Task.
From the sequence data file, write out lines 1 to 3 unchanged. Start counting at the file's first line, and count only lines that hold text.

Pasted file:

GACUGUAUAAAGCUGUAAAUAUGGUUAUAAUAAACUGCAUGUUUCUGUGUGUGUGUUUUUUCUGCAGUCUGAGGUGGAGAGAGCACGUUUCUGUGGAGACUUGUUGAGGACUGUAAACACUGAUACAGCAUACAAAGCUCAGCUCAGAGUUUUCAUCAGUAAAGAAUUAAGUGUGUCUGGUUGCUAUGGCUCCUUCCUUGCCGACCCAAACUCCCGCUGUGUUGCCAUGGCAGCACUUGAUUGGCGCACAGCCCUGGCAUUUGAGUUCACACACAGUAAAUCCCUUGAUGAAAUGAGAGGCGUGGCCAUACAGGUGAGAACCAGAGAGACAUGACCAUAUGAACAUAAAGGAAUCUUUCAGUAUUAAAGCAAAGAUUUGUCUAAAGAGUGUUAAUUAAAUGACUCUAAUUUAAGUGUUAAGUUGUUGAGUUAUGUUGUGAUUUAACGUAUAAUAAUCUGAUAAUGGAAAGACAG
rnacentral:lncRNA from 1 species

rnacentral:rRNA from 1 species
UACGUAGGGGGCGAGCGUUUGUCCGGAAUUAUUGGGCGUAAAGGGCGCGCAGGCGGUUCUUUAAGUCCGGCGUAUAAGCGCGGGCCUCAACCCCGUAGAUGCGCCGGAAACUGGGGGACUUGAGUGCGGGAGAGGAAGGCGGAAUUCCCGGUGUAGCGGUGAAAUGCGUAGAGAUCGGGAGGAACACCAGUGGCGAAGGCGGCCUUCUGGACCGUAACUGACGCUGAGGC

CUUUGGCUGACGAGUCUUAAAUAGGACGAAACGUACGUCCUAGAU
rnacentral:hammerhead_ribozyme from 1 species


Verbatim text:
GACUGUAUAAAGCUGUAAAUAUGGUUAUAAUAAACUGCAUGUUUCUGUGUGUGUGUUUUUUCUGCAGUCUGAGGUGGAGAGAGCACGUUUCUGUGGAGACUUGUUGAGGACUGUAAACACUGAUACAGCAUACAAAGCUCAGCUCAGAGUUUUCAUCAGUAAAGAAUUAAGUGUGUCUGGUUGCUAUGGCUCCUUCCUUGCCGACCCAAACUCCCGCUGUGUUGCCAUGGCAGCACUUGAUUGGCGCACAGCCCUGGCAUUUGAGUUCACACACAGUAAAUCCCUUGAUGAAAUGAGAGGCGUGGCCAUACAGGUGAGAACCAGAGAGACAUGACCAUAUGAACAUAAAGGAAUCUUUCAGUAUUAAAGCAAAGAUUUGUCUAAAGAGUGUUAAUUAAAUGACUCUAAUUUAAGUGUUAAGUUGUUGAGUUAUGUUGUGAUUUAACGUAUAAUAAUCUGAUAAUGGAAAGACAG
rnacentral:lncRNA from 1 species

rnacentral:rRNA from 1 species